Lawyers for some of the alleged 9/11 plotters asked the trial judge Wednesday to get them the captives’ full medical records from their time in CIA custody, arguing they need the details to avert their military execution.
In one instance, a defense attorney for a Saudi captive due to undergo rectal reconstruction surgery later this week said prosecution summaries of CIA medical care make no mention of Saudi Mustafa al Hawsawi’s rectal damage. A declassified portion of the so-called Senate Torture Report cites “CIA records” that indicate Hawsawi was “diagnosed with chronic hemorrhoids, an anal fissure, and prolapse.”
Hawsawi, 48, is accused of helping the Sept. 11 hijackers with money, Western clothing, traveler’s checks and credit cards. He was captured in Pakistan in March 2003 with alleged plot mastermind Khalid Sheik Mohammed and “from all indications he was a healthy young male” when he disappeared into the CIA’s black sites, said his lawyer, Army Lt. Col. Jennifer Williams.
He emerged three years later with Hepatitis-C, cervical damage, the prolapse, anal fissure, hearing loss, a gastrointestinal issue and has peed blood since July 2014, she said. None of it is mentioned in summaries of medical records prosecutors furnished them in trial preparation, she said.
Defense attorneys say they need the medical records to demonstrate that the United States has lost the moral authority to execute the five men accused of orchestrating the worst terror attack in U.S. history — the Sept. 11, 2001, hijackings that killed 2,976 people in New York, Pennsylvania and at the Pentagon. They could argue that to the judge before trial, to get the death-penalty dropped from the case, or to the jury, if they are convicted. Or both.
Case prosecutor Robert Swann told the judge, Army Col. James L. Pohl, that Sept. 11 case prosecutors provided either Hawsawi’s lawyers or the judge every one of Hawsawi’s CIA medical records that they could find: A total of 191 pages.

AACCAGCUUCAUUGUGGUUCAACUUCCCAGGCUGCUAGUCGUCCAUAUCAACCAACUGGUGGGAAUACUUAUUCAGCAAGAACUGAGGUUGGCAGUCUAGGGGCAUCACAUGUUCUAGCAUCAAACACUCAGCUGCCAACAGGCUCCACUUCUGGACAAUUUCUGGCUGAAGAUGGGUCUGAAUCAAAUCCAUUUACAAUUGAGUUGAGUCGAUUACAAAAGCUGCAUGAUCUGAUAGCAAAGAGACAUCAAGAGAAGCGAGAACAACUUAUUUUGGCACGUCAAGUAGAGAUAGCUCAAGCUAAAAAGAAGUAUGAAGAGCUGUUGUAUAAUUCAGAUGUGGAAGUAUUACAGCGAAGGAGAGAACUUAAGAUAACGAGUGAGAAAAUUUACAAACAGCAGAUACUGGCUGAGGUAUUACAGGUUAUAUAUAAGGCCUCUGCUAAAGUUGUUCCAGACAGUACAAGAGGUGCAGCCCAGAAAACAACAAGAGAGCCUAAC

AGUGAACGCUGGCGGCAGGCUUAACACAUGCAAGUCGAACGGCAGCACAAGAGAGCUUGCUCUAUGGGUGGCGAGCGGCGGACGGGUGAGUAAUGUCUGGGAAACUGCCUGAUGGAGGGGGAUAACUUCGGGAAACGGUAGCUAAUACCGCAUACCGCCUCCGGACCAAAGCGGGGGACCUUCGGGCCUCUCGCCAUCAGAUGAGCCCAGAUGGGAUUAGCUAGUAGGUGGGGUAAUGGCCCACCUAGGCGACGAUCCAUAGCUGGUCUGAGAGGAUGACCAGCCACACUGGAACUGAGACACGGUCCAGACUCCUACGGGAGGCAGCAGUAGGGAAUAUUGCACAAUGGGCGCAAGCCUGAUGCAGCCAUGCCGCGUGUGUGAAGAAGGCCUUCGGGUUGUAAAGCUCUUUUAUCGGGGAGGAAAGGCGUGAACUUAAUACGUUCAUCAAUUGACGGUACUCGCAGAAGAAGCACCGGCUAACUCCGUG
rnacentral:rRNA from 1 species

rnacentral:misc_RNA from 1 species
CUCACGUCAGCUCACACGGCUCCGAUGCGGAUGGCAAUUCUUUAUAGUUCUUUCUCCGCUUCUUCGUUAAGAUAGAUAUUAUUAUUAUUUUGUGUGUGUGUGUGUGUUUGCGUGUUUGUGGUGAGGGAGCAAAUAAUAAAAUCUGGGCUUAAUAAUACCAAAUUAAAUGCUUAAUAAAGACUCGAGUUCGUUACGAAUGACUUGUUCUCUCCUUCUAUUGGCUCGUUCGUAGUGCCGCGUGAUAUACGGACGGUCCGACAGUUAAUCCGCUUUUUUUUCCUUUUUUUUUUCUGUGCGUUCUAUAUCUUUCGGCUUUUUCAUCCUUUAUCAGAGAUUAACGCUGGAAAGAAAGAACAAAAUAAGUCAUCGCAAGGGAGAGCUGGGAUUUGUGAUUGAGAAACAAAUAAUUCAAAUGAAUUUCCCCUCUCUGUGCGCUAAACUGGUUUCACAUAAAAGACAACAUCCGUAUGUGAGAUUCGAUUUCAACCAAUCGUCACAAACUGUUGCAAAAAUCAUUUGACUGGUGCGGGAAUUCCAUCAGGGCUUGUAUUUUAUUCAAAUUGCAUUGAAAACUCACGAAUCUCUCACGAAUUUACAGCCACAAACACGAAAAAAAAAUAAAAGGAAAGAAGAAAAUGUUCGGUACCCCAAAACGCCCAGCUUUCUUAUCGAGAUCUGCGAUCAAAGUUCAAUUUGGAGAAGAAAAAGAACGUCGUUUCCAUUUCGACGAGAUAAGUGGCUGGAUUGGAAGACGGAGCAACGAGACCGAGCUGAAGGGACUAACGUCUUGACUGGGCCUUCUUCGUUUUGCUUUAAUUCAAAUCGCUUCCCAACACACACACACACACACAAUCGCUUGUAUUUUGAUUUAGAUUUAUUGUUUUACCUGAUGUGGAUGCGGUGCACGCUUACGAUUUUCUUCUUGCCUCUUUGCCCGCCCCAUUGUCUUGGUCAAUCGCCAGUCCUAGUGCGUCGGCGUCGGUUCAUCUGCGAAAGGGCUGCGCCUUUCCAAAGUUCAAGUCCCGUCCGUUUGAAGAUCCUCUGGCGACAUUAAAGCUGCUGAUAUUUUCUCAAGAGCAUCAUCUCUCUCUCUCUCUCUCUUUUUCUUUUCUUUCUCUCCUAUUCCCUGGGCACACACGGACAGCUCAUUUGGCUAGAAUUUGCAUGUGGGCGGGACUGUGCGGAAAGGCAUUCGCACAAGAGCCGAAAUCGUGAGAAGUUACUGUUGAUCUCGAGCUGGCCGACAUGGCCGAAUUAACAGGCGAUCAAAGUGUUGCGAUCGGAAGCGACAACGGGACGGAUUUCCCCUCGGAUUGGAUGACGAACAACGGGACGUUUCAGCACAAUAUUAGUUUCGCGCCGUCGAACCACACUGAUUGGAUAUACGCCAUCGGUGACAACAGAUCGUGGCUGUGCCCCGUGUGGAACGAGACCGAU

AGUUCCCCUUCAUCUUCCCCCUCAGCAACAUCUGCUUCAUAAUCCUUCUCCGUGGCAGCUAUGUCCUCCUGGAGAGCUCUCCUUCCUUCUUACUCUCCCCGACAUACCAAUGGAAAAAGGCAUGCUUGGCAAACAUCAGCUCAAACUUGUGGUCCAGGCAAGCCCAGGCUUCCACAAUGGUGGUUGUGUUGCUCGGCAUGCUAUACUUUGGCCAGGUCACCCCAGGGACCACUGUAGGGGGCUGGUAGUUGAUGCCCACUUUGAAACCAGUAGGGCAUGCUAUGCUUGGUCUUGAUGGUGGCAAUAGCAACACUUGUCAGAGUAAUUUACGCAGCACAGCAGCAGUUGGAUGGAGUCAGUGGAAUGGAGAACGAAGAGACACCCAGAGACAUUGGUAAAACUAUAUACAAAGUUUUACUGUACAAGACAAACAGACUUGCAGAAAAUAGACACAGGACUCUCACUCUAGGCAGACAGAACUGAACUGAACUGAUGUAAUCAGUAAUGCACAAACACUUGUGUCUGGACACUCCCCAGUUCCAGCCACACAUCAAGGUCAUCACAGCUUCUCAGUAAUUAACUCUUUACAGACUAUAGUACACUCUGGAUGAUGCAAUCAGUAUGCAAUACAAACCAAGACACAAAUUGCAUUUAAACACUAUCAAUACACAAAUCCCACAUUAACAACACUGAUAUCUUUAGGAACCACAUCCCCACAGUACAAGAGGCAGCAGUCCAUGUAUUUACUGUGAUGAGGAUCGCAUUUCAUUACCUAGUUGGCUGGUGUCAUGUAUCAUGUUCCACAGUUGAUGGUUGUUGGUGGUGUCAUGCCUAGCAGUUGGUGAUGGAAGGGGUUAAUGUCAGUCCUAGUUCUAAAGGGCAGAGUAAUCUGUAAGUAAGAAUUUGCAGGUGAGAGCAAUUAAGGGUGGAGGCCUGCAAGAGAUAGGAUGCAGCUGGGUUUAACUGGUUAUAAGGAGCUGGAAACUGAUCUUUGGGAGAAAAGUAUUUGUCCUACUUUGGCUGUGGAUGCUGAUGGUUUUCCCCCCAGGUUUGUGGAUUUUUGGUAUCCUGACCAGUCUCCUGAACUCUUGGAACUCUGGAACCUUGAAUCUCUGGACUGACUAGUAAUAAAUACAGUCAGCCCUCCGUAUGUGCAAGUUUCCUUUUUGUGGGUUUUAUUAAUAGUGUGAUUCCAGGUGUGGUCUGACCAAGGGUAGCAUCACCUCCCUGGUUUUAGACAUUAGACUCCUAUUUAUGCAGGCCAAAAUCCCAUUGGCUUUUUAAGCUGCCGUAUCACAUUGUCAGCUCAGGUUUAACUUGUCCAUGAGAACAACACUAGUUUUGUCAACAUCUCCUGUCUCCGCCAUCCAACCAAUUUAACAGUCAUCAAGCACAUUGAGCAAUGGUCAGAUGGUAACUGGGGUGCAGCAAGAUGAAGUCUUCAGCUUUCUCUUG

Under the war court’s classified information protection process, prosecutors can withhold or summarize certain pretrial discovery but have to demonstrate to the judge that they are providing them with an adequate substitute that doesn’t disadvantage their ability to defend their clients.
Swann said that Pohl signed off on the summaries in April 2014, and they were identical to summaries approved by Bush-era war court judge in an earlier, aborted 2008 prosecution. Pohl added that he revisited the summaries, documents in light of release of the Senate Torture Report in December 2014 — and handed over additional material to Hawsawi’s lawyers.
“We have completed our discovery with respect to the medical records of Mr. Hawsawi that were in the CIA’s holdings,” Swann said.
In fact, the chief prosecutor, Army Brig. Gen. Mark Martins, told reporters this week that his teams had provided all applicable pretrial discovery to the 9/11 defense teams or judge for approval of substitutions by Sept. 30. The general called it a “major milestone.”
The judge has set no trial start date. Now is the phase of preparation for the trial when the judge examines the classified information for adequacy — and defense lawyers argue for information they believe is missing from the case, which is what happened Wednesday with the legal sparring over CIA medical records.
Swann expressed impatience with the focus of the hearing on torture. Pohl stopped him, on an objection from a defense lawyer, from describing in some detail the dead of Sept. 11 as he argued that the accused terrorists had received sufficient medical records.
Williams argued in court that Hawsawi investigators have learned more about Hawsawi’s health care — or lack thereof — from declassified CIA cables released by the spy agency through the Freedom of Information Act.
A lawyer for Mohammed’s nephew, also accused of helping the Sept. 11 hijackers with arrangements, also called the documents released to Ammar al Baluchi’s team inadequate. Alka Pradhan said one record showed that during CIA interrogation the now 39-year-old Baluchi was ordered to stand for 82 hours, and was given water and Ensure.
Missing from the records, she said, was who examined Baluchi during the three days standing, when he got the fluids, who administered them, if he was nude — and how — in a program that the Senate report said used a quasi-medical technique called “rectal rehydration.”
“We want the full medical records from CIA custody so we can piece together how the CIA tortured these men,” she said, calling the prosecution summaries as a “whitewash.”